The hydro-meteorological monitoring network of the Canton Ticino, which is currently managed using the SOS standard, has been selected as representative of a practical implementation of basic data required for the climate change impact assessment pipeline. The network, which has a 40 years long time-series, is currently composed of 60 stations and 140 sensors observing precipitation, air temperature and humidity, water temperature, river height. Collected information is operationally used by the local administration to design and actuate water resources protection and allocation to guarantee a sustainable management of the resource and the natural environment while protecting from the impacts of extreme events like floods and droughts. The Sensor Things API operational applicability is evaluated by testing this standard to fulfil all the major in place daily practical operations like for example data quality management, data sharing with third parties, data collection from vendor specific sensors and data analyses and visualization.
Switzerland was the second country in the World after Australia to have an operational satellite Earth Observations (EO) Data Cube. The Swiss Data Cube (SDC) is a tera-scale analytical cloud-computing platform allowing users the access, analysis and visualize up to 38 years (1984-2022) of consistent calibrated and spatially co-registered optical and radar Analysis Ready Data. The SDC leverages the information power of Big Earth Data for monitoring the environment by minimizing time and knowledge required for analysing large volumes of raster data. The derived analytical products provide an effective means to build socially robust, replicable, and reusable knowledge, to generate ready-to-use products supporting evidence-based decisions. Currently, all the data products and their related description (i.e. metadata) are accessible through “traditional” OGC services such as WMS, WCS, CSW. For example, the Normalized Difference Water Index (NDWI) time-series can be used to estimate and monitor the evolution of vegetation water content over the entire country. The aim of the experimental case will be to use a set of new OGC APIs implemented on top of the Swiss Data Cube to track the evolution of NDWI. To reach this objective we will implement the OGC API Coverages, Processes, EDR, Records, STAC APIs to access NDWI raster data time-series and compute zonal statistics using different administrative units/levels (e.g. national, canton).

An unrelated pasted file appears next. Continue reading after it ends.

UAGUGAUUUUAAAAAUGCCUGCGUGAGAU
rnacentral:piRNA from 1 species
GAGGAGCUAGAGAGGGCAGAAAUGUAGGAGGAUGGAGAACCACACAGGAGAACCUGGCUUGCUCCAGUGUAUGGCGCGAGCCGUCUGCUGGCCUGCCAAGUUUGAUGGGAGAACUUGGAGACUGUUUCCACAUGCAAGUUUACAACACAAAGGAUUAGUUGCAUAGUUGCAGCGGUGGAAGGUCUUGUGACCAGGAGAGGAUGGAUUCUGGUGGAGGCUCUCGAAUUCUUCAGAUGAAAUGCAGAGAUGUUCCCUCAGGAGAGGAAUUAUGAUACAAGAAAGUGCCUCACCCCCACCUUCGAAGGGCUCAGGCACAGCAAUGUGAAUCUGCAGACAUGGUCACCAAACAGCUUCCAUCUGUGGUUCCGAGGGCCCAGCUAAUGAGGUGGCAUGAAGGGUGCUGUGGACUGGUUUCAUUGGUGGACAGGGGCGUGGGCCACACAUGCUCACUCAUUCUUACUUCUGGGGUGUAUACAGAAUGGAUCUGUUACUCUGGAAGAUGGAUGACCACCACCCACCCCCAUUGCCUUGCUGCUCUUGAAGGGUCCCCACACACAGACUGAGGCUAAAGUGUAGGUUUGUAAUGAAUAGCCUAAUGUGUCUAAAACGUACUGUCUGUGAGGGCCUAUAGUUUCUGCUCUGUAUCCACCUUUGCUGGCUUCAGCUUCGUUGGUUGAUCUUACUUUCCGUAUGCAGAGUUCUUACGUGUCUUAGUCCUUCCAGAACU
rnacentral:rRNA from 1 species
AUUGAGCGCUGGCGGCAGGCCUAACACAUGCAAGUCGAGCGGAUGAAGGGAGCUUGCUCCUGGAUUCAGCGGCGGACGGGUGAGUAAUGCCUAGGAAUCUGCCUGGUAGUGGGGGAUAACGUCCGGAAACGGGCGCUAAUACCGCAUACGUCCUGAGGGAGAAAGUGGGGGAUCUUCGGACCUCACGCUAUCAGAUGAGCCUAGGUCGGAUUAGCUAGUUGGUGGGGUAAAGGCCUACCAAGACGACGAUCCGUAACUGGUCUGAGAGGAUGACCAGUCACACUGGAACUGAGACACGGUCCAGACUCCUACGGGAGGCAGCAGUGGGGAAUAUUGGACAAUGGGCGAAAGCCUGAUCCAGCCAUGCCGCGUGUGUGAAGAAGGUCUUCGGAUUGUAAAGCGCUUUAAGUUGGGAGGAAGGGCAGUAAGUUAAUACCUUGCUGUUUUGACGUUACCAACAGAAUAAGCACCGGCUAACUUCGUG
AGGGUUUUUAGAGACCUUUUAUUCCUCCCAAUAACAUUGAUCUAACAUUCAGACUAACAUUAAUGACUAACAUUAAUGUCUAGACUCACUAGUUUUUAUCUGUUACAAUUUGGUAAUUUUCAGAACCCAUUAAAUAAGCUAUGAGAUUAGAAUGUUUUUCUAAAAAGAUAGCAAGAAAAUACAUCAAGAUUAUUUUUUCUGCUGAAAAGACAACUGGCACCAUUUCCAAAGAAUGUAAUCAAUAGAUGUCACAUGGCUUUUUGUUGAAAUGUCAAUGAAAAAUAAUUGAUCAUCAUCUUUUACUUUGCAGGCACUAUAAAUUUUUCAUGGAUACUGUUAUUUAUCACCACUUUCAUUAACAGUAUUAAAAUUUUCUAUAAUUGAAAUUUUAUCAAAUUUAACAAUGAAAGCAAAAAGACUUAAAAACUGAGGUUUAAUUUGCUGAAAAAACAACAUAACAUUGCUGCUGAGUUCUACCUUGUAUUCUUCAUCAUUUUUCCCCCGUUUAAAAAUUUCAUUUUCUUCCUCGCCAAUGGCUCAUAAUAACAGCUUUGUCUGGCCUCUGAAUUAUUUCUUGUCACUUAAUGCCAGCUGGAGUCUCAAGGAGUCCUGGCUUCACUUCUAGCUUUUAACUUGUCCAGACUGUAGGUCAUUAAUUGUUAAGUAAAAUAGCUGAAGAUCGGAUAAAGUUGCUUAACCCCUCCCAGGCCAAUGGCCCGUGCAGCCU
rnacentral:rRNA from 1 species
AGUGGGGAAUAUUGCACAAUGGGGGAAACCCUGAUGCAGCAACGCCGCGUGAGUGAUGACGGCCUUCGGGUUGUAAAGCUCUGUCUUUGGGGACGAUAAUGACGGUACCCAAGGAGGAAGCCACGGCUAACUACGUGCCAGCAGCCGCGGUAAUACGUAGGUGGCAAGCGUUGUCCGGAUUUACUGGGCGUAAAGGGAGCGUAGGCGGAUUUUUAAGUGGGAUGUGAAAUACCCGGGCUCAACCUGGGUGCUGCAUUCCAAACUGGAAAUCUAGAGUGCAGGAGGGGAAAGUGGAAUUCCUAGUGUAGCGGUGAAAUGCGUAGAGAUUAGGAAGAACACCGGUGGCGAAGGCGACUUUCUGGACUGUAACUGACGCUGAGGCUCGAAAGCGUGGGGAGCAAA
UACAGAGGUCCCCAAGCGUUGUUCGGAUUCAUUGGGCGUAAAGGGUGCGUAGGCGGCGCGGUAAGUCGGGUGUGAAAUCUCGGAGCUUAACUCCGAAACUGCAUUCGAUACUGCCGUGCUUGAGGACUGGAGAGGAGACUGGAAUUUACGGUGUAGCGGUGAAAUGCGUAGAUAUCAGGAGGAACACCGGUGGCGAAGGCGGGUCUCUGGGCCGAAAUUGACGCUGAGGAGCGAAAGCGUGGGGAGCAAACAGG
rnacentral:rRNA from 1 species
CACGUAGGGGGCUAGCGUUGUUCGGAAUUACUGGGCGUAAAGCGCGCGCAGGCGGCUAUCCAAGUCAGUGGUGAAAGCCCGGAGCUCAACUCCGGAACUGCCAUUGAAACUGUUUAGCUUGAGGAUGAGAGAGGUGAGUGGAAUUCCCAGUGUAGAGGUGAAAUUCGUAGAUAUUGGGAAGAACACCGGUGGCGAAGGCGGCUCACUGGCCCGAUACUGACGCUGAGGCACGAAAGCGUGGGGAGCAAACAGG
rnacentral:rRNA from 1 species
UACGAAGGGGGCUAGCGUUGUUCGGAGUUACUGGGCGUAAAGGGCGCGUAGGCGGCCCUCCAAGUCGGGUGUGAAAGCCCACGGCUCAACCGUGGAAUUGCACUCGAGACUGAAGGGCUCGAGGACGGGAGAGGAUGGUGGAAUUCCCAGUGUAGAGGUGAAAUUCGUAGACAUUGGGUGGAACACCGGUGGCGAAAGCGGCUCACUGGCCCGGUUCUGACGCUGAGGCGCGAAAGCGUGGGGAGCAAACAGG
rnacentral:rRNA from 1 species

Given past activities of the team project related to portrayal interoperability with OGC standards like WMS, WMTS, SLD/SE, this part aims to challenge a set of specifications of the OGC API, especially Features, Tiles, Maps, Styles and to provide insights about OGC SymCore. At one side, the experimental case will consider outputs from running Geoclimate, an open source geospatial toolbox to compute a set of urban climate related parameters describing a given area of study using OpenStreetMap data as a base. The intent is to make these indicators discoverable and to serve them as data and maps through the OGC API. At the other side, the aim is to address national needs for geodata visualization using the Minimum Geodata Models (MGDM) in conjunction with their styling models, testing how the symbol description may be encoded in a standard way with modern formats and techniques to build styles and symbology (i.e. from SLD/SE to GeoCSS with or without cascading, etc).
For all these experimental cases, FOSS4G are deployed, especially at the server level with FROST, pygeoapi, Geoserver, QGIS Server. The results are useful for developers, government agencies and organizations who want to implement and use the new family of OGC standards.